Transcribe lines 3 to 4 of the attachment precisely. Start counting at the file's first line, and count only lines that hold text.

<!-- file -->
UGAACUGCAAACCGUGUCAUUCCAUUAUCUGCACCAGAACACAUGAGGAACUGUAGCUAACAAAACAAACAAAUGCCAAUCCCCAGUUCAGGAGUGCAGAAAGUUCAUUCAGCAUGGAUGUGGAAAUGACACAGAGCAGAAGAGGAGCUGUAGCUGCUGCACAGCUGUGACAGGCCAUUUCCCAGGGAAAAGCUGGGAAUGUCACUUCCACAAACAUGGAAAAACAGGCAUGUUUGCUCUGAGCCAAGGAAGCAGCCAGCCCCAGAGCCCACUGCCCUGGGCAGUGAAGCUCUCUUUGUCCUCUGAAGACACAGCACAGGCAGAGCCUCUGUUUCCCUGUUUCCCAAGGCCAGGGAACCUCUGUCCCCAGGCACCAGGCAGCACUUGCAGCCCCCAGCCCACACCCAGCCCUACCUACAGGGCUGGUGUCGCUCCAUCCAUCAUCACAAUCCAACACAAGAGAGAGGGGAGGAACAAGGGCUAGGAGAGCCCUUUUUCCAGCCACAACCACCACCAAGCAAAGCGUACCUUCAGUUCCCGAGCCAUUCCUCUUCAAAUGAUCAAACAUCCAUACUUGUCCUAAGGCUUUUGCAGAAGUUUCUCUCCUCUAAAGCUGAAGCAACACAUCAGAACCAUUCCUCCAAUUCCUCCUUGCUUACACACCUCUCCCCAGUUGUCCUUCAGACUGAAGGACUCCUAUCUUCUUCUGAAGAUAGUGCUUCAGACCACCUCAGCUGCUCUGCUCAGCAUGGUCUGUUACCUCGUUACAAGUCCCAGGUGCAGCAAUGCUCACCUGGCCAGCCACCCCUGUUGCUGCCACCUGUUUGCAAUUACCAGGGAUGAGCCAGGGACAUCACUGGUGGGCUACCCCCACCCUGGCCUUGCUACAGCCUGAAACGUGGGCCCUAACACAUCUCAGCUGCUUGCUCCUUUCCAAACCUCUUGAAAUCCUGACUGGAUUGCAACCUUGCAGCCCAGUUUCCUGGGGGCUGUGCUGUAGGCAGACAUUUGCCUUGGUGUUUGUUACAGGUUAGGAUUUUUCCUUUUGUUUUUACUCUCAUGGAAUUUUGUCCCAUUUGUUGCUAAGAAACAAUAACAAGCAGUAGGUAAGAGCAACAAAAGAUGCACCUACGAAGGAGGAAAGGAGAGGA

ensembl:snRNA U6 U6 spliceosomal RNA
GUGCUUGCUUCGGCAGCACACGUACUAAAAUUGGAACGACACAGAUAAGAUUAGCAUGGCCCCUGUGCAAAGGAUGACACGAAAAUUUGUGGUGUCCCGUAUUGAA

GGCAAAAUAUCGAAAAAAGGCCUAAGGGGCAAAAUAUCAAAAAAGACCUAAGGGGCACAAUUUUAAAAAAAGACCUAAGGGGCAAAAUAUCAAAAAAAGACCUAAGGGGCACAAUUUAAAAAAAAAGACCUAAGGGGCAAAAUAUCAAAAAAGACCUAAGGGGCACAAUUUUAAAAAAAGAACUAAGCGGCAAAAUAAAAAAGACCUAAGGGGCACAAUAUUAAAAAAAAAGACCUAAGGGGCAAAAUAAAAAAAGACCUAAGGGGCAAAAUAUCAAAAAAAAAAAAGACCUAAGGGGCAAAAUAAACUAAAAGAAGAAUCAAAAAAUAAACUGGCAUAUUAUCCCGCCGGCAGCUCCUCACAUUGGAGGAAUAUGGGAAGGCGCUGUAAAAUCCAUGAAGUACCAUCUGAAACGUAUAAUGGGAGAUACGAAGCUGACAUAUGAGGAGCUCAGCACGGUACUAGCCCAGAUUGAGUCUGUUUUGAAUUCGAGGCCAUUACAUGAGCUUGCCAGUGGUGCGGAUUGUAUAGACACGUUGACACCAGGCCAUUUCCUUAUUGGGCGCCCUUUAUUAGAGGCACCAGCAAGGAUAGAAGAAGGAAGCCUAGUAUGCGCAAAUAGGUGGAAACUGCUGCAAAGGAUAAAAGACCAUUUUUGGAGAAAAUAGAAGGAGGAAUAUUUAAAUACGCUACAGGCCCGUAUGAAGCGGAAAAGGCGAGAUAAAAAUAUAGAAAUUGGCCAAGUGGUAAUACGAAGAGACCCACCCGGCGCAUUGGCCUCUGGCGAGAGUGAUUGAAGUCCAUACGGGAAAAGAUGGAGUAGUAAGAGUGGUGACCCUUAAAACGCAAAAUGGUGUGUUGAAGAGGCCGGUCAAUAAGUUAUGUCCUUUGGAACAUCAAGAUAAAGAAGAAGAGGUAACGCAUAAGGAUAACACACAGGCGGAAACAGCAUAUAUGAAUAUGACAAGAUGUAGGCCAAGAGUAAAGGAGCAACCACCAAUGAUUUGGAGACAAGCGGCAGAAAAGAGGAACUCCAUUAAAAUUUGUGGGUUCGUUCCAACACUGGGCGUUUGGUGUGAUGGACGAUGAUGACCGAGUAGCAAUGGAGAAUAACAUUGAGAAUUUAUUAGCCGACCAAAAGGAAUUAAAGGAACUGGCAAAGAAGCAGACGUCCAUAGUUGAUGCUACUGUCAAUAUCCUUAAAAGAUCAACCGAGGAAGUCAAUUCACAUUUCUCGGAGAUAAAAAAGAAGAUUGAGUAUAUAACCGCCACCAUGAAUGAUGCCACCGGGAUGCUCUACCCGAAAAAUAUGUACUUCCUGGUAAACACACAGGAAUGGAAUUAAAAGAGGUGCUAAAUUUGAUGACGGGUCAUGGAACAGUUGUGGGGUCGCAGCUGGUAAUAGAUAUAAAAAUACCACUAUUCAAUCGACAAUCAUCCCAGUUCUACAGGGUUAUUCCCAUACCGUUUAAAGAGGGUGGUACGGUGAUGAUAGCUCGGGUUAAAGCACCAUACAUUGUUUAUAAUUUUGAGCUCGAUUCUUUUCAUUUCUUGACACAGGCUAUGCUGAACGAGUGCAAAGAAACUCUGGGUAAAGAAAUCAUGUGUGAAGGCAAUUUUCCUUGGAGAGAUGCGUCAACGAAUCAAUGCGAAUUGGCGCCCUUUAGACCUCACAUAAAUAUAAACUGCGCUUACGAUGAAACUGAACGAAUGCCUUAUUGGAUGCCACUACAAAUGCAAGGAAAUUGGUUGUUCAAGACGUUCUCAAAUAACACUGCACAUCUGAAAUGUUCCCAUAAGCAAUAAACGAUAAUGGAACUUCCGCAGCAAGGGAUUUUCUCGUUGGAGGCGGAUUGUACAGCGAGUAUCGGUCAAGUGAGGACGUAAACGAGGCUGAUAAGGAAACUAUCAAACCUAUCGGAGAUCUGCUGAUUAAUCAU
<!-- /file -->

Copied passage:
GUGCUUGCUUCGGCAGCACACGUACUAAAAUUGGAACGACACAGAUAAGAUUAGCAUGGCCCCUGUGCAAAGGAUGACACGAAAAUUUGUGGUGUCCCGUAUUGAA

GGCAAAAUAUCGAAAAAAGGCCUAAGGGGCAAAAUAUCAAAAAAGACCUAAGGGGCACAAUUUUAAAAAAAGACCUAAGGGGCAAAAUAUCAAAAAAAGACCUAAGGGGCACAAUUUAAAAAAAAAGACCUAAGGGGCAAAAUAUCAAAAAAGACCUAAGGGGCACAAUUUUAAAAAAAGAACUAAGCGGCAAAAUAAAAAAGACCUAAGGGGCACAAUAUUAAAAAAAAAGACCUAAGGGGCAAAAUAAAAAAAGACCUAAGGGGCAAAAUAUCAAAAAAAAAAAAGACCUAAGGGGCAAAAUAAACUAAAAGAAGAAUCAAAAAAUAAACUGGCAUAUUAUCCCGCCGGCAGCUCCUCACAUUGGAGGAAUAUGGGAAGGCGCUGUAAAAUCCAUGAAGUACCAUCUGAAACGUAUAAUGGGAGAUACGAAGCUGACAUAUGAGGAGCUCAGCACGGUACUAGCCCAGAUUGAGUCUGUUUUGAAUUCGAGGCCAUUACAUGAGCUUGCCAGUGGUGCGGAUUGUAUAGACACGUUGACACCAGGCCAUUUCCUUAUUGGGCGCCCUUUAUUAGAGGCACCAGCAAGGAUAGAAGAAGGAAGCCUAGUAUGCGCAAAUAGGUGGAAACUGCUGCAAAGGAUAAAAGACCAUUUUUGGAGAAAAUAGAAGGAGGAAUAUUUAAAUACGCUACAGGCCCGUAUGAAGCGGAAAAGGCGAGAUAAAAAUAUAGAAAUUGGCCAAGUGGUAAUACGAAGAGACCCACCCGGCGCAUUGGCCUCUGGCGAGAGUGAUUGAAGUCCAUACGGGAAAAGAUGGAGUAGUAAGAGUGGUGACCCUUAAAACGCAAAAUGGUGUGUUGAAGAGGCCGGUCAAUAAGUUAUGUCCUUUGGAACAUCAAGAUAAAGAAGAAGAGGUAACGCAUAAGGAUAACACACAGGCGGAAACAGCAUAUAUGAAUAUGACAAGAUGUAGGCCAAGAGUAAAGGAGCAACCACCAAUGAUUUGGAGACAAGCGGCAGAAAAGAGGAACUCCAUUAAAAUUUGUGGGUUCGUUCCAACACUGGGCGUUUGGUGUGAUGGACGAUGAUGACCGAGUAGCAAUGGAGAAUAACAUUGAGAAUUUAUUAGCCGACCAAAAGGAAUUAAAGGAACUGGCAAAGAAGCAGACGUCCAUAGUUGAUGCUACUGUCAAUAUCCUUAAAAGAUCAACCGAGGAAGUCAAUUCACAUUUCUCGGAGAUAAAAAAGAAGAUUGAGUAUAUAACCGCCACCAUGAAUGAUGCCACCGGGAUGCUCUACCCGAAAAAUAUGUACUUCCUGGUAAACACACAGGAAUGGAAUUAAAAGAGGUGCUAAAUUUGAUGACGGGUCAUGGAACAGUUGUGGGGUCGCAGCUGGUAAUAGAUAUAAAAAUACCACUAUUCAAUCGACAAUCAUCCCAGUUCUACAGGGUUAUUCCCAUACCGUUUAAAGAGGGUGGUACGGUGAUGAUAGCUCGGGUUAAAGCACCAUACAUUGUUUAUAAUUUUGAGCUCGAUUCUUUUCAUUUCUUGACACAGGCUAUGCUGAACGAGUGCAAAGAAACUCUGGGUAAAGAAAUCAUGUGUGAAGGCAAUUUUCCUUGGAGAGAUGCGUCAACGAAUCAAUGCGAAUUGGCGCCCUUUAGACCUCACAUAAAUAUAAACUGCGCUUACGAUGAAACUGAACGAAUGCCUUAUUGGAUGCCACUACAAAUGCAAGGAAAUUGGUUGUUCAAGACGUUCUCAAAUAACACUGCACAUCUGAAAUGUUCCCAUAAGCAAUAAACGAUAAUGGAACUUCCGCAGCAAGGGAUUUUCUCGUUGGAGGCGGAUUGUACAGCGAGUAUCGGUCAAGUGAGGACGUAAACGAGGCUGAUAAGGAAACUAUCAAACCUAUCGGAGAUCUGCUGAUUAAUCAU